The document is the latest in a series issued by the Basel Committee on Banking Supervision intended to address various weaknesses in the financial sector. Stress tests performed by banks before and during the crisis were not severe enough, the Committee said, and in any case the results were often ignored by senior management and everyone else outside the risk management office.
The Committee sees stress testing as an essential part of risk management, as it provides a way of dealing with areas such as tail risk that cannot be adequately assessed by other means. The Committee's decision to focus on stress tests was first reported by Risk News in September.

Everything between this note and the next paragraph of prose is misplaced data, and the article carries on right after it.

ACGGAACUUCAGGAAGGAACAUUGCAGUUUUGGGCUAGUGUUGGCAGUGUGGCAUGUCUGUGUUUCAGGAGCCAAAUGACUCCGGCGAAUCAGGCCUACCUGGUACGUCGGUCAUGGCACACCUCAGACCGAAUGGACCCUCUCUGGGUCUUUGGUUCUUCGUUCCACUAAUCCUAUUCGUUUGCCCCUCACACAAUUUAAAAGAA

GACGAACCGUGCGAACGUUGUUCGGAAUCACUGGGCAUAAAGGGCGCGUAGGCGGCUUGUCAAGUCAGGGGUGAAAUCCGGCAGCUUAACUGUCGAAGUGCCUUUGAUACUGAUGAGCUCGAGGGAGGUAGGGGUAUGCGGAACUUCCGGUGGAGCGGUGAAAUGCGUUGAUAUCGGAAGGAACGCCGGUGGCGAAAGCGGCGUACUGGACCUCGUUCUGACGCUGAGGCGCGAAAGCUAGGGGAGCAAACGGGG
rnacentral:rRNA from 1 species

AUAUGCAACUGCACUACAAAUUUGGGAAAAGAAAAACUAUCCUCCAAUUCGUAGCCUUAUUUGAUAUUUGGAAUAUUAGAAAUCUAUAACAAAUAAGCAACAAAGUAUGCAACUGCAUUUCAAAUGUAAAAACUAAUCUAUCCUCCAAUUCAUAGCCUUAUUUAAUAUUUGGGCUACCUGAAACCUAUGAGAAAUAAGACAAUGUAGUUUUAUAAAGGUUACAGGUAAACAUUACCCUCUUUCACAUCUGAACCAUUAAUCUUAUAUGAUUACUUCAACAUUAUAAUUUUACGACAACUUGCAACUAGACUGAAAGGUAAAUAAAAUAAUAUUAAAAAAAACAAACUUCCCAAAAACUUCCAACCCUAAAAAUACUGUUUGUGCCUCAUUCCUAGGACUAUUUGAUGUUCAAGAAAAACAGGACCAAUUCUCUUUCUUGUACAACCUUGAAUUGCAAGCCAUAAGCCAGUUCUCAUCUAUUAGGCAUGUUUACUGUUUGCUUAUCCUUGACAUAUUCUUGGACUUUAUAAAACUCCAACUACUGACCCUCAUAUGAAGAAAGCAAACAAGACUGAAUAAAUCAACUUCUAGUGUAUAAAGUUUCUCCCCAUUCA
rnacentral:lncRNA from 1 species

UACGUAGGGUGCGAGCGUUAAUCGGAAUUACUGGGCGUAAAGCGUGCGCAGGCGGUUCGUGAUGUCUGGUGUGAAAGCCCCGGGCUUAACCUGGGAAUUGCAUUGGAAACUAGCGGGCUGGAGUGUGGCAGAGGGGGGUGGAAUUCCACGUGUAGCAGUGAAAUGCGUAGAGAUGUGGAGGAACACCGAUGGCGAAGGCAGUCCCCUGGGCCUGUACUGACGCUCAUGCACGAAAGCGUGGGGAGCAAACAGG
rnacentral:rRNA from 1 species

In future, the Committee said, the use of stress tests in risk management should involve board members and senior management, and should be properly documented and regularly reviewed. Firms should use broad stress scenarios that affect the whole bank, and should also employ 'reverse stress tests' in which events that could threaten the survival of the bank are described.
Banks should also correct their failure to model the drop in market liquidity and funding availability in a stress scenario, the Committee added. Institutions should put more effort into modelling complex structured products rather than assuming they would behave similarly to cash bonds with the same credit rating - an assumption shown to have been flawed by the events of 2007-8.